Quantitative evaluation of steel corrosion induced deterioration in rubber concrete by integrating ultrasonic testing, machine learning and mesoscale simulation


Reinforced concrete structures are highly susceptible to chloride-induced steel corrosion, especially in marine environments. This has become a major hindrance to the widespread adoption of reinforced concrete structures as the corrosion severely affects the structural durability and is costly to maintain. Thus, it is urgent to develop effective strategies to prevent chloride diffusion and steel corrosion and its associated deterioration effects on structures exposed to the marine environment.

Rubber concrete developed by recycling waste rubber is an ecosystem-friendly and cost-effective construction material. It exhibits superior resistance to steel corrosion induced by chloride and related concrete deterioration effects, mainly due to improved resistance to chloride penetration, smaller expansion and improved cracking and electrical resistance of the rubber concrete. Despite the significant amount of research on rubber concrete, little attention has been paid to the corrosion of steel in reinforced concrete, which can cause spalling, cracking, brittle failure, delamination and possible collapse of the concrete.

Promoting the use of rubber concrete in the marine environment and securing marine infrastructure requires accurate monitoring of the corrosion degree of the rebar and quantitative evaluation of the rubber concrete deterioration degree. Although these can be achieved through electrochemical, reaction control and empirical methods, they have various limitations. Non-destructive detection methods, such as ultrasonic testing, have emerged as alternative and efficient solutions. Nevertheless, the material complexity makes it difficult to use non-destructive methods to evaluate the concrete deterioration degree.

Advanced quantitative evaluation and data processing methods based on non-destructive technologies have been established to overcome these inherent challenges. Specifically, machine learning algorithms have successfully evaluated and predicted concrete properties as they can accurately represent relationships among variables. Equipped with this knowledge, Professor Jinrui Zhang and Dr. Mengxi Zhang from Tianjin University in collaboration with Professor Biqin Dong from Shenzhen University and Professor Hongyan Ma from Missouri University of Science and Technology, proposed a new approach integrating mesoscale simulation, machine learning and ultrasonic testing to quantitatively and accurately evaluate corrosion-induced rubber concrete deterioration. The work is currently published in the journal, Cement and Concrete Composites.

In their approach, the research team prepared the reinforced concrete specimens with different rubber contents: 0%, 10% and 20% and subjected them to corrosion experiments accelerated electrochemically. The experiments were monitored through ultrasonic testing to produce corrosion and deterioration data used to train six machine learning models. The corrosion degree was predicted based on the obtained ultrasonic traits as well as ultrasonic, steel corrosion and concrete mixture parameters. The models were compared in terms of accuracy and robustness to select the most feasible one for practical applications.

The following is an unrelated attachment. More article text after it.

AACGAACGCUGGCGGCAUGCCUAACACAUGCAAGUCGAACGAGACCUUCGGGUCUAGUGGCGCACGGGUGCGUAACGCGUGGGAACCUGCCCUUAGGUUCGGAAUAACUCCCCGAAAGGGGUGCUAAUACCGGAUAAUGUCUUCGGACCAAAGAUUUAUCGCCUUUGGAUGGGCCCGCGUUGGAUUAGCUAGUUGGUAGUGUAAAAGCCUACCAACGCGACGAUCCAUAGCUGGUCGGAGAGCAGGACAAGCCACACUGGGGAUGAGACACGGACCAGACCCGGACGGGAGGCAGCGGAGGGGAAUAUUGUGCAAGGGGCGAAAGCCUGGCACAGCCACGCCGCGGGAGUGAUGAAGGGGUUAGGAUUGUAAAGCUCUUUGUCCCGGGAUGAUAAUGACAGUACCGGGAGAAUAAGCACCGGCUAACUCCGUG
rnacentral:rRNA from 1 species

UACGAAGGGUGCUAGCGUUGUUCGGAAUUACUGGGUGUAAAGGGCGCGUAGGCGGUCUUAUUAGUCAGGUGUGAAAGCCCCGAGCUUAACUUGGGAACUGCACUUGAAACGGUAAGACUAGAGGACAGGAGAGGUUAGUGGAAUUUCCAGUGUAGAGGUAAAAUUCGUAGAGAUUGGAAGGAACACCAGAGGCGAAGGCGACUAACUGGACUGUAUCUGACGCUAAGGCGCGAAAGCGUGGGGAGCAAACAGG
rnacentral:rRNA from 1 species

The researchers demonstrated that all the machine learning models with the exception of the linear model, were able to predict the degree of corrosion robustly and accurately under the interference of the size and outlier amplitude of the training set. High rubber content in the concrete minimized not only the corrosion effects of chloride ions but also improved the corrosion resistance of the concrete structures. The recorded low damage ratios at similar steel corrosion degrees showed that incorporating rubber could effectively mitigate steel corrosion and deterioration.

Being a non-destructive method, the ultrasonic amplitude was considered the most critical monitoring index in evaluating the corrosion degree. Therefore, its measurement accuracy must be guaranteed to achieve the desired performance accuracy. The excellent accuracy and robustness of the five models showed the superiority of the proposed concepts and their applicability in practical scenarios.

Furthermore, the corrosion-induced deterioration process is computed by the mesoscale simulation method based on the corrosion degree developed by authors, so that the damages of specimens with different rubber contents are quantitatively evaluated. Further prove that the steel corrosion induced deterioration in reinforced concrete can be effectively mitigated by the incorporation of rubber, evidenced from lower damage ratios at the same steel corrosion degree.

In summary, the study successfully evaluated the corrosion degree of reinforced steel concrete with various contents of rubber concrete. It provided novel and robust non-destructive methods for evaluating corrosion-induced degradation of concrete structures. In a joint statement to Advances in Engineering, the authors said that the proposed models would enhance the safety and structural integrity of marine infrastructure.


Zhang, J., Zhang, M., Dong, B., & Ma, H. (2022). Quantitative evaluation of steel corrosion induced deterioration in rubber concrete by integrating ultrasonic testing, machine learning and mesoscale simulationCement and Concrete Composites, 128, 104426.

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